Inbound Versus Outbound Marketing.
To quote Mark Twain, the reports of the death of outbound marketing are greatly exaggerated. According to the experts, print is dead, and television is in the ICU. We concur that the more traditional forms of outbound are on the decline, yet a $62 billion television spend in North America in 2020 is still formidable. Broadcast marketing, pushing your message to the masses, and hoping it resonates has given us the Geico gecko and All State’s good hands. Outbound isn’t dead and perhaps never will be. Outbound has its place in the marketing strategy mix, as does inbound. Any comparison of the effectiveness of the two must consider the product or service being offered and the audience of prospective customers. In this article, we explore the strengths and weaknesses of the methodologies, focusing on potential buyers, their motivation, and decision process.
Outbound marketing pushes out its message to consumers who may or may not be interested in a product. It encompasses the more traditional types of promoting products that we once referred to as simply marketing. Tactics include things such as these one-way conversations:
- Media advertising – television and radio
- Print advertising – newspapers and magazines
- Outdoor advertising – billboards
- Direct mail campaigns
With the digital age, outbound added the following to its arsenal:
- Banner and display ads
- Pop-up ads
- Blanket email blasts
The invasive approach of outbound marketing is the most effective way to reach the broadest audience, making it the go-to strategy for mass marketers. Outbound helps build brand awareness and, when used in the right way for the right products, is still an effective method for consumers to discover new products and services.
Inbound marketing campaigns are powered by content intended to educate, address the customer’s pain points, and create reasons to come to you. Inbound strategies are designed to attract and engage prospects interested in your product or service, developing relationships with superior quality leads. Some of the most prevalent inbound SEO-optimized strategies are:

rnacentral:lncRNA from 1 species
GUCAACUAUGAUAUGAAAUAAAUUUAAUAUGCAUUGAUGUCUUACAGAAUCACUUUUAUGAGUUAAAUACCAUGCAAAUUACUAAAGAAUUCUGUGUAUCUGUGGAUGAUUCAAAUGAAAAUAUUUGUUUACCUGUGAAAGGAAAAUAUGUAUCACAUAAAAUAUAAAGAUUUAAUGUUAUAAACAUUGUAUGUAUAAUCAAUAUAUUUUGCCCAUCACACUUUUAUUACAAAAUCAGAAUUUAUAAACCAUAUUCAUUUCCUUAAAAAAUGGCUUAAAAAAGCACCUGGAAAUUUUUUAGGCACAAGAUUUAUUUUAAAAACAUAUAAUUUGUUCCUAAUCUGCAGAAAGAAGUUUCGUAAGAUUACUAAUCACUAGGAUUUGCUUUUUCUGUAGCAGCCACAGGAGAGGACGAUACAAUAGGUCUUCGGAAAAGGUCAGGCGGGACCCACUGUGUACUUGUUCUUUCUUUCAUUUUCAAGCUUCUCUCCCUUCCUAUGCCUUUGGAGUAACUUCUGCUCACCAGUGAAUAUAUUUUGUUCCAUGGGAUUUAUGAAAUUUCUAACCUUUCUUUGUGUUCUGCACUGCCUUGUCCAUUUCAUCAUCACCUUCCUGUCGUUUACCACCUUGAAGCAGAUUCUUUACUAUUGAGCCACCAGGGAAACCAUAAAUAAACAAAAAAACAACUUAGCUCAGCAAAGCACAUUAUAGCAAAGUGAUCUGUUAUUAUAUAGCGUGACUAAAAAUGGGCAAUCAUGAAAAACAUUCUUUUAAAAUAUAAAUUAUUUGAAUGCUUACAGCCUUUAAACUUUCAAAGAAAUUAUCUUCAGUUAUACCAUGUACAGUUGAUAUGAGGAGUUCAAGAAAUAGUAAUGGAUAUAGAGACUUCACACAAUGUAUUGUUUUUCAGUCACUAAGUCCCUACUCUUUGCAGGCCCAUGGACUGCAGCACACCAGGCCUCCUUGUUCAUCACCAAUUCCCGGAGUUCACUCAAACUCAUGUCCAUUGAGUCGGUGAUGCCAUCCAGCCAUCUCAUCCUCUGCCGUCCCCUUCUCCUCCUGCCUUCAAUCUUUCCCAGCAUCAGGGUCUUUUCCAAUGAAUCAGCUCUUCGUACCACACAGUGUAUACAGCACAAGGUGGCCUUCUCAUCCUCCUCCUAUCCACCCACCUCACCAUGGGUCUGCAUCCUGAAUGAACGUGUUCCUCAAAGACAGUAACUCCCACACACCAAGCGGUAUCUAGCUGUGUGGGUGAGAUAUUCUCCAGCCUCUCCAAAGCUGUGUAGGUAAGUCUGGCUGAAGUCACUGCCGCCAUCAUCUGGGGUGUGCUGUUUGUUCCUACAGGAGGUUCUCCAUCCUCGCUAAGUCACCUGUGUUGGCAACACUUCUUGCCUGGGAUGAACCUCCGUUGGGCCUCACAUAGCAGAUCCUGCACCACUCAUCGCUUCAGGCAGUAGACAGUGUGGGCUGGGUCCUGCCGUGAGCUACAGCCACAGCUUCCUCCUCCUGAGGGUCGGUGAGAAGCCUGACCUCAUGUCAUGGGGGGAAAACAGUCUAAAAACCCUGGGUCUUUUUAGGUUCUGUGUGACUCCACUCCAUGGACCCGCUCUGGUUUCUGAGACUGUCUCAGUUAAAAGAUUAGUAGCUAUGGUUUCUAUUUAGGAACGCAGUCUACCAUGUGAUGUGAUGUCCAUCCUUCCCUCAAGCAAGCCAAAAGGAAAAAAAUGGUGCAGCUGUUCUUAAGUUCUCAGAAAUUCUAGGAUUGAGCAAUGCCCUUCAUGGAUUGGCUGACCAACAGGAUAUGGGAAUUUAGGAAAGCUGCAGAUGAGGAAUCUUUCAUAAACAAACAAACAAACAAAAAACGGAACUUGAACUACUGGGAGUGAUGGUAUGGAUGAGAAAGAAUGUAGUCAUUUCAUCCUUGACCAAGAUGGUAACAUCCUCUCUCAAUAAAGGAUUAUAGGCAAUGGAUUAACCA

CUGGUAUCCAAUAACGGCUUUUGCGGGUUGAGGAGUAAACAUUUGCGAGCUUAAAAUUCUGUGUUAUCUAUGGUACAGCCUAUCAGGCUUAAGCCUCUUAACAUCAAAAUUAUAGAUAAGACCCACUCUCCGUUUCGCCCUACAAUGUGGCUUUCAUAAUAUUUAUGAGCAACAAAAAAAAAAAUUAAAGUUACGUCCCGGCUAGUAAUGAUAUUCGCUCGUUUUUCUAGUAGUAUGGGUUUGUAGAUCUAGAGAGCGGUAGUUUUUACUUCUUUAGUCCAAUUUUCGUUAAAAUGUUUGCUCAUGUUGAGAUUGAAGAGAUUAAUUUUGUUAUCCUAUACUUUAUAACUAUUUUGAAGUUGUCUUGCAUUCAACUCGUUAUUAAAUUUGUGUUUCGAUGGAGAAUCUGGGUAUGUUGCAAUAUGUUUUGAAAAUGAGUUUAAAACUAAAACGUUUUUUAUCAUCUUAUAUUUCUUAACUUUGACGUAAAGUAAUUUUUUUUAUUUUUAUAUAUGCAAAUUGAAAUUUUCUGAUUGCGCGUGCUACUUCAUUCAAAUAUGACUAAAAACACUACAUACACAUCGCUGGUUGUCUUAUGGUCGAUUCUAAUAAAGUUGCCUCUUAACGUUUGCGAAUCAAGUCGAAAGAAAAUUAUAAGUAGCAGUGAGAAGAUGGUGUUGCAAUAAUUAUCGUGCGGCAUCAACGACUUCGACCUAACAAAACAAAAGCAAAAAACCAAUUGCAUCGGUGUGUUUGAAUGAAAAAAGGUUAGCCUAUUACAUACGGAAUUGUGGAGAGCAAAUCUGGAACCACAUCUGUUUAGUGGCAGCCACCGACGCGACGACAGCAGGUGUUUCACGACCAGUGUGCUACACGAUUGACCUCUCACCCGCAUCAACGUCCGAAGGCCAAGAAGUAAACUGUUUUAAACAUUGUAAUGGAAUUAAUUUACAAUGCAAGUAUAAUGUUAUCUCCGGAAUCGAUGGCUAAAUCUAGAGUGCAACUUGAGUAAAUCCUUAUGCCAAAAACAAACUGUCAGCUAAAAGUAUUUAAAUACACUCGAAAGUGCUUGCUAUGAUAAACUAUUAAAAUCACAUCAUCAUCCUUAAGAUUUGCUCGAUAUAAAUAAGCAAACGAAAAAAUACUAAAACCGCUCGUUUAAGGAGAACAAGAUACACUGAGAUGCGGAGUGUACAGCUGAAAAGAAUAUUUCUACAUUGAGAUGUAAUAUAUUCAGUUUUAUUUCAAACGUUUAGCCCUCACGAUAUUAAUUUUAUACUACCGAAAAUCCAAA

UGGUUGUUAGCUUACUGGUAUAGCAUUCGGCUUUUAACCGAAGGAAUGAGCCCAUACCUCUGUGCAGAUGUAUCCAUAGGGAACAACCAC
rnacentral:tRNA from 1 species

- White papers
- Social media marketing
- Video content
Understanding your target audience, motivation, buyer’s behavior, and decision-making process is crucial to determining your marketing strategy and allocations to inbound and outbound marketing resources.
Target Market Audience Considerations
Different audiences require different methods. The B2C marketer is concerned with building a brand, whereas the B2B marketer is more interested in establishing and nurturing relationships. The B2B market is inherently smaller and more specialized as you direct your efforts to your best prospects.
Logical versus emotional approach – needs versus wants. Whereas the typical consumer will make an impulse purchase, a professional buyer or buying team buys only what they need. Inbound marketing uses carefully curated content to provide the specific information/answers companies are seeking at the precise moment they need it.
The recommendations and referrals of others influence consumers. The professional buyer expects technical information, solutions, and testimonials from industry experts. A strategy that builds trust and establishes you as the authority in your field.
Messaging and content will differ between inbound and outbound with the inbound approach using a more businesslike lexicon in their blogs, white papers, research studies, and other fact-based data. When a buying committee or multiple members are involved in the decision process, crafting your message to help buyers persuade the committee is essential.
The Differences Between Inbound and Outbound Marketing
The most apparent difference between the methodologies is the broad-based, megaphone approach of outbound to the masses versus a targeted, laser-like focus employed in inbound. Other differences:
- Inbound seeks to educate and provide solutions – while outbound aims to sell.
- The objective of inbound is to create a conversation, build a relationship, whereas outbound is strictly a one-way communication.
- Inbound relies on content to attract and engage – outbound depends on a larger budget.
- Outbound can be invasive and annoying – inbound is “magnetic,” drawing prospects to the marketer’s content.
The Benefits of Inbound Marketing
Although outbound reaches a much larger audience and aids in awareness, the cost is prohibitive for many medium and small companies, and the ROI on inbound marketing is superior. The cost of an inbound campaign is less and delivers better, more qualified leads at a lower acquisition cost.
Inbound marketing promotes solutions versus products. With the magnet approach of inbound, prospects coming to your site are already interested in your product or service. Once your content attracts a prospect, your team can customize and personalize future communications, developing better relationships and customer experience.
Inbound is measurable – key to an inbound campaign’s success is establishing objectives and benchmarks and then monitoring, measuring, and adapting as required. What content is resonating, and which is missing the mark? What assets are performing, and which requires improvement?
When selling to professionals, inbound seems the superior method. Executed properly, inbound can be highly effective in driving the right prospects to your company. However, for traditional businesses attempting to convert, developing inbound strategies and compelling content, measuring ROI, and gaining senior leadership buy-in, is not without challenges.
If you’re interested in a holistic approach, connecting your brand’s digital strategy, and solutions to these challenges, Revenue-Inc. is the B2B SaaS Marketing Agency that can help you – “execution and results guaranteed.”